CERA

Careers and study

2021-2022 Hector MacLean Summer Scholarship

Applications for the Hector Maclean Summer Scholarship are open to students enrolled at the University of Melbourne in an undergraduate degree in biomedicine, science, medicine or other relevant courses.

Scholarship details

Duration: 4-8 weeks, full-time or part-time, dependent on the supervisor’s approval.

This period can comprise a placement in either Block 1 (22 November to 17 December 2021) or Block 2 (24 January to 18 February 2022), not including the Christmas closure period (24 December 2021 to 3 January 2022, inclusive).

Positions can run across both Block 1 and 2, with exact dates to be negotiated between the student and supervisor.

Location: Ophthalmology, Department of Surgery, University of Melbourne – Royal Victorian Eye and Ear Hospital, East Melbourne.

Scholarship value: $200 per week, pro-rata, tax-free; up to a maximum of $1600.

It is expected that up to 3 scholarships will be offered.

About Ophthalmology, Department of Surgery, University of Melbourne

Ophthalmology is part of the Department of Surgery at the University of Melbourne. The Centre for Eye Research Australia (CERA) is co-located with the Department of Surgery.

Ophthalmology research at CERA has a strong reputation for its clinical and translational focus. We rank 4th in the world for academic output in Ophthalmology, according to the 2017 Centre for World University Rankings by subject and conduct eye research into the causes, diagnosis, treatment of eye diseases, vision loss and blindness.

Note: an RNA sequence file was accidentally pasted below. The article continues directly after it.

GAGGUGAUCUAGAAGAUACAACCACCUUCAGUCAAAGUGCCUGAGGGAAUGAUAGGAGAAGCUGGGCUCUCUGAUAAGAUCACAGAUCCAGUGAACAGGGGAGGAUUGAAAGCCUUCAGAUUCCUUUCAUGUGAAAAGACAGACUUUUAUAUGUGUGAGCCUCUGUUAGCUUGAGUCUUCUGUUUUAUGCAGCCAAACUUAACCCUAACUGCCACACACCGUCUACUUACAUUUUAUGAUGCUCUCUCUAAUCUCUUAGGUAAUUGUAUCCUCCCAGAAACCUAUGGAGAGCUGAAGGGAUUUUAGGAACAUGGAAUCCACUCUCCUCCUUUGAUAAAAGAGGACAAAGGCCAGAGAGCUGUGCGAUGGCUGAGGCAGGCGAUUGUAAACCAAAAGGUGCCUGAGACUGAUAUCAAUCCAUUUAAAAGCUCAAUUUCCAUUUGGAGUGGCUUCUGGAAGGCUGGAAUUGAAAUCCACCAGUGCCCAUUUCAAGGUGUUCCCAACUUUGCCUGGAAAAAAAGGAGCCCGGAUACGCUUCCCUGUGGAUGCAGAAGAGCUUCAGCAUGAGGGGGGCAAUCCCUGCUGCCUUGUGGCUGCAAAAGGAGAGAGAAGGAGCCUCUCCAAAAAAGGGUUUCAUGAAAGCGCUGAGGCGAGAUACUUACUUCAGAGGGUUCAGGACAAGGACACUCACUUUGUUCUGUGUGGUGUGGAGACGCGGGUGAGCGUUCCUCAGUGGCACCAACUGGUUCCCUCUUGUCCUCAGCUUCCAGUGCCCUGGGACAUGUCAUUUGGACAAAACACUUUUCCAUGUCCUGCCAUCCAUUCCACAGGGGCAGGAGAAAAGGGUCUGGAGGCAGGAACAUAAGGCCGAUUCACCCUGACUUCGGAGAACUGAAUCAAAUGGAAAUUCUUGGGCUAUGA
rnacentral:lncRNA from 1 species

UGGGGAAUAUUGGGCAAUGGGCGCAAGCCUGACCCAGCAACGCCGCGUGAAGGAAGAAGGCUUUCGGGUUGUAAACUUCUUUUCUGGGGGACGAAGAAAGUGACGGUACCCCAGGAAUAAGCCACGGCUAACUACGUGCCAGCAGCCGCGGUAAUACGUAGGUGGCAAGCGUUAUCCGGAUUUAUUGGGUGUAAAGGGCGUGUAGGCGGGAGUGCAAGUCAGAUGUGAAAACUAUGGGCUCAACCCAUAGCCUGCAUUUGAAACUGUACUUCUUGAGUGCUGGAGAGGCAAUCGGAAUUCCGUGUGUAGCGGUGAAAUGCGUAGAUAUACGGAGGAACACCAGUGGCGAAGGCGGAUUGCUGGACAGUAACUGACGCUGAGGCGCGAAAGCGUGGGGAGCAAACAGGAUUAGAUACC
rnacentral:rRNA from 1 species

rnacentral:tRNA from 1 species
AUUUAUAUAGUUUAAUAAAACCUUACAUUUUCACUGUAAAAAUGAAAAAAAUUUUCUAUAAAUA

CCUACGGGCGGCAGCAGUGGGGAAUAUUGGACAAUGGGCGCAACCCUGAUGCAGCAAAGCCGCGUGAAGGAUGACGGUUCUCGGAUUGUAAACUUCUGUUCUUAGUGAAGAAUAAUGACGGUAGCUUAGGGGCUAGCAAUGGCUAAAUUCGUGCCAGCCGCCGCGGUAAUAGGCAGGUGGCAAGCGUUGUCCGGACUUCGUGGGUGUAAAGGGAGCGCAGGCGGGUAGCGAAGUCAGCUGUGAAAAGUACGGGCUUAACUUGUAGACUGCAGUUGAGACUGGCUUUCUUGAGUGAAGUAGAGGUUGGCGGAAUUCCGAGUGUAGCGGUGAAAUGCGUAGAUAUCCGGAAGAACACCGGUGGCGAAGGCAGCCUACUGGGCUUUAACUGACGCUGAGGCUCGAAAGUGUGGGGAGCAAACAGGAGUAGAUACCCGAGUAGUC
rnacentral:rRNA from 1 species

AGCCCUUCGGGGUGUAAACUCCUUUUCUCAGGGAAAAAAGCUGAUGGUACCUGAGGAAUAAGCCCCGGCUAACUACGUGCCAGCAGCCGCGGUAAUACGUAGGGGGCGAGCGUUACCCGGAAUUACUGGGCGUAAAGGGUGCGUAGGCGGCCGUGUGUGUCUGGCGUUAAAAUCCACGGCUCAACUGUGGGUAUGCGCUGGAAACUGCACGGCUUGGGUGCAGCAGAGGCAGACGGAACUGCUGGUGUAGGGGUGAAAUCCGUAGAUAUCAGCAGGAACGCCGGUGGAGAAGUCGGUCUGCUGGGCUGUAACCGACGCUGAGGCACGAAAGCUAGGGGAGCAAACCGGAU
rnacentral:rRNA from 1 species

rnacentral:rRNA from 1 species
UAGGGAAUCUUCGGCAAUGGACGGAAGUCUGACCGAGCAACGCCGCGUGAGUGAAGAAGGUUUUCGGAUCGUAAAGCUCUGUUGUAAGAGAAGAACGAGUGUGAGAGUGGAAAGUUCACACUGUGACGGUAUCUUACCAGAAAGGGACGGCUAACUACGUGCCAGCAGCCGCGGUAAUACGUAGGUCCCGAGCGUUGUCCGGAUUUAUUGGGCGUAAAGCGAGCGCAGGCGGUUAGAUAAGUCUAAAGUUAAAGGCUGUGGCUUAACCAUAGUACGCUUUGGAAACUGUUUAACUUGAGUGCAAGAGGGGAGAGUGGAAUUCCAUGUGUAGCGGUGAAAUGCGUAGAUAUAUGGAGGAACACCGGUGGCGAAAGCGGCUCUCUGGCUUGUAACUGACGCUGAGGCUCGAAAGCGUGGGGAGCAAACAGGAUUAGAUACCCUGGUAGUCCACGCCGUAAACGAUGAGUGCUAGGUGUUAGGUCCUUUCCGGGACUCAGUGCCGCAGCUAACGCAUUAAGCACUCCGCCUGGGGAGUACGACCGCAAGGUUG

We have developed our comprehensive research program by focusing on three integrating themes concentrating on translational research:

  • Innovative diagnostics and treatment.
  • Regenerating vision.
  • Understanding eye health.

Position Summary

We are seeking outstanding students enrolled at the University of Melbourne in an undergraduate degree in biomedicine, science, medicine or other relevant courses to participate in our summer vacation scholarship program.

How to Apply

Application Forms can be requested at [email protected].

Please email your complete application and supporting documentation to [email protected] by 5.00 pm on Friday 1 October 2021.

Late or incomplete applications will not be considered.

Only students enrolled in University of Melbourne science, biomedicine, medicine, or other relevant degrees are eligible to apply.

Please note students enrolled at other universities cannot be considered.

Documents to be submitted

  1. Completed 2021-2022 Hector MacLean Summer Scholarship Application Form.
  2. Brief CV of no more than three pages including an outline of any previous research experience.
  3. A copy of your most recent academic transcript (this can be your unofficial transcript downloaded from the university website or a scanned copy of your official transcript).